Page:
A very clever honorable reference can be found in 1989’s “Batman” movie. At the beginning of the movie, Alexander Knox walks into his office and receives a sketch of what Batman might look like. The sketch has a signature. This signature is the name of character’s creator, Bob Kane.
In the beginning of “Indiana Jones: Temple of Doom,” the famous adventurer meets a crime lord by the name of Lao Che. The aim of this meeting is to trade ashes for a diamond. But it’s the place where the meeting takes place that is worth mentioning – Club Obi Wan. The name of this club is clearly a Star Wars reference, and it is certainly not the only one, in Indiana Jones movies.
Here is a very good example of subtle advertising in movies. Did you notice that a Starbucks cup is visible in almost every scene of the iconic “Fight Club” movie? Although this might have been done for a different purpose like highlighting the idea of how corporations trick us into buying the same things.
Kill Bill Vol. 1
If you think that one has to sit through all the Kill Bill movies to learn the actual name of the Bride, think again. There’s actually an easier way to learn what the character’s name is – Beatrix Kiddo, the name, is displayed on the plane ticket the character buys to Okinawa.
Return of the Jedi
Only a few hardcore fans of science fiction might know this one. In a scene in Star War’s Return of the Jedi, there are three aliens working on Jabba’s sail barge. Their names are Klaatu, Barada and Nikto. Well, it’s a reference to the code words in the famous “The Day the Earth Stood Still” movie. However, this is not the 2008 one starring Keanu Reeves, but the black and white 1951 one.
Stephen King’s prolific output is full of interesting crossovers between various stories. In the movie “The Mist” one of these crossovers is featured. In a scene where Thomas Jane is working on a painting, what he’s trying to paint is actually a picture of Roland Deschain. Deschain is the main character in Stephen King’s “Dark Tower.”
This reference is really a very funny one. The schematics diagram on the bridge of Sark’s battlecruiser has a little Easter egg hidden in it. On the right side of a diagram there’s the famous Pac-Man character struggling to fight his way through a string of yellow dots.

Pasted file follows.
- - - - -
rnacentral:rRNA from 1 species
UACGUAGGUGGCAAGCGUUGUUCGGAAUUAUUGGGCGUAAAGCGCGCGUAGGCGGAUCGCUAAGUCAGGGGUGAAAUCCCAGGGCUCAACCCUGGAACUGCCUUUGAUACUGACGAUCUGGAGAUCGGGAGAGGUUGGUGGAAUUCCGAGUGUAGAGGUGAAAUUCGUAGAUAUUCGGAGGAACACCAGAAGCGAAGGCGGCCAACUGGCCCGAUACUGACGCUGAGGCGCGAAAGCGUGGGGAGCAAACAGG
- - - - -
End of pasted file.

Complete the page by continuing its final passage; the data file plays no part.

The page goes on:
Die Hard with a Vengeance
In “Die Hard with a Vengeance” when McClane is asked what he’s been doing since the last movie, his answer might seem rather usual, but it has a lot of subtly in it. The character’s answer is “smoking cigarettes and watching Captain Kangaroo.” Oddly enough, the famous actor repeats the very same phrase in “Pulp Fiction.”
Monty Python’s Life of Brian
If you watched this movie carefully, you might have noticed that one of the bearded chaps waiting in line to be healed by Brian looks suspiciously like George Harrison. In fact, it really is George Harrison. The famous musician was a Python fan and invested as much as a couple million dollars in this movie.
The fact that Disney animators include subtle images of Mickey Mouse in various cartoons is well known. With this being said, it might not surprise you that much that Mickey Mouse was also featured in Aladdin, a fairy tale where he clearly does not belong. He makes one of his appearances in a scene where Jafar’s spell is broken and the enchanted friends of Aladdin are brought back to normal.
This is a very clever cross-referencing that some fans of the “Avengers” might have noticed. After Tony Stark’s encounter with the F-22s, he removes his suit, and very attentive movie fans can see on a workbench to his left what appears to be a prototype of Captain America’s shield.
Sometimes directors use very ingenious ways to add subtlety to their movies. In the case with “Death Proof” the references can be found in car numbers. Stuntman Mike’s Cherry Nova has a registration number that reads JJZ-109, which is the same number as that of a Mustang driven by Steve McQueen in “Bullitt.”
I Am Legend
It’s not hard to miss the Superman logo within the bat symbol in “I Am Legend,” a movie where neither Batman nor Superman is supposed to appear. Many fans theorized it to be an example of viral marketing, but it appeared that it was nothing but a throwaway gag from Akiva Goldsman. The producer of “I Am Legend” was once involved with a Superman/Batman crossover movie.
King Kong (2005)
If you know how to read the Morse code and paid close attention while watching “King Kong,” you probably know this fact. In this movie, when the ship approaches Skull Island, it receives a coded message. The message in Morse code supposedly announces a warrant for Jack Black’s arrest, but what it actually translates to is “Show me the monkey.”
Mel Gibson and Danny Glover starred in both “Maverick” and “Lethal Weapon.” In the middle of the bank robbery scene in Maverick, the director decided to capitalize on this fact and included a prolonged double take when the robber is revealed to be Glover.